The Auteur In Alfred Hitchcocks Rear Window

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The Auteur In Alfred Hitchcocks Rear Window

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Inside the Classic Realm of Alfred Hitchcock's: Rear Window

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There's an endearing photo of the director from , in his trademark black suit next to a tower of all his films. He stands on tiptoe to place the latest addition on the top: Torn Curtain. This was a rare disappointment, a cold war thriller starring Julie Andrews and Paul Newman. But taken as a whole, it is astonishing how many outright masterpieces he created, films you can watch repeatedly, sometimes noticing a new angle, sometimes just thrilling all over again to the same brilliantly framed moments of danger, humour or fear.

But 10 is nothing like enough. I haven't mentioned To Catch a Thief from Ostensibly, this is a piece of fluff about cat burglary set in the French Riviera, but it is crammed with moments that are resonant, suspenseful or just plain fun, such as a cigarette being extinguished in a fried egg, Grace Kelly wearing the most ridiculous — yet stunning — gold frock, and one of Hitchcock's most delicious cameos, on a bus, giving Cary Grant a look of plump consternation. Hitchcock's personal favourite of his movies — a surprising choice — was the relatively unknown Shadow of a Doubt starring Joseph Cotten as a serial strangler who comes to stay with his adoring older sister and her family in Santa Rosa, California.

Bit by bit, the strangler's niece Charlie — who has always doted on her uncle — starts to suspect him. One of many visual cues is the moment when we see Cotten strangling a piece of toast at breakfast. As the tension builds to its climax, the film manifests what the critic Arthur Vesselo called Hitchcock's mastery of contrast, "balancing the normal against the abnormal, slowness against speed, sound against silence, humour against terror".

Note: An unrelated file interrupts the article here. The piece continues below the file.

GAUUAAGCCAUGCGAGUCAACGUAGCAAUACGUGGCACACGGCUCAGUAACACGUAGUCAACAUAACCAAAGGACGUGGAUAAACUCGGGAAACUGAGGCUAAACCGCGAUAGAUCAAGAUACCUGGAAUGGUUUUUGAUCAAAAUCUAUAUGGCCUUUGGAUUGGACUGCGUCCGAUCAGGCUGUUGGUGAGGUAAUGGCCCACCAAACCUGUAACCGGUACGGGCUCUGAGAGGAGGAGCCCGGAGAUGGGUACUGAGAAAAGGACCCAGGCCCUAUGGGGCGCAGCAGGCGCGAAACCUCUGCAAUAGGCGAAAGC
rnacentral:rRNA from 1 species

He was happy to work with a range of writers, including John Steinbeck who wrote Lifeboat , a strange disaster movie featuring Tallulah Bankhead and a motley assortment of survivors, who end up being saved by the Nazi officer who torpedoed their ship , Thornton Wilder and John Michael Hayes, who wrote four scripts for Hitchcock, including the wonderfully witty Rear Window. Having spent two formative years designing title-cards for a movie production company, Hitchcock always understood that film was a collaborative business. Vertigo is as much a showcase for Edith Head's costume designs and Bernard Herrmann's music as it is for Hitchcock's images.

His first and fondest collaborator was his wife Alma Reville, an editor and scriptwriter whom he met in when working for Famous Players-Lasky in London, on the set of a silent picture called The Prude's Fall. He delayed marrying her for five years, until he had three films under his belt, because — he later hinted — he needed this status to be sure of securing her. Alma's remained the one opinion he minded about most because — their daughter Pat said — "she was the one person who he relied on to tell him the truth". After watching the initial cut of Vertigo , Alma said it was terrific but he must ditch a shot of Kim Novak running across a square where her legs looked fat. Sure enough, he cut the offending shot out, even though it caused continuity problems, because without the running, Novak seems to leap from one side of the square to the other.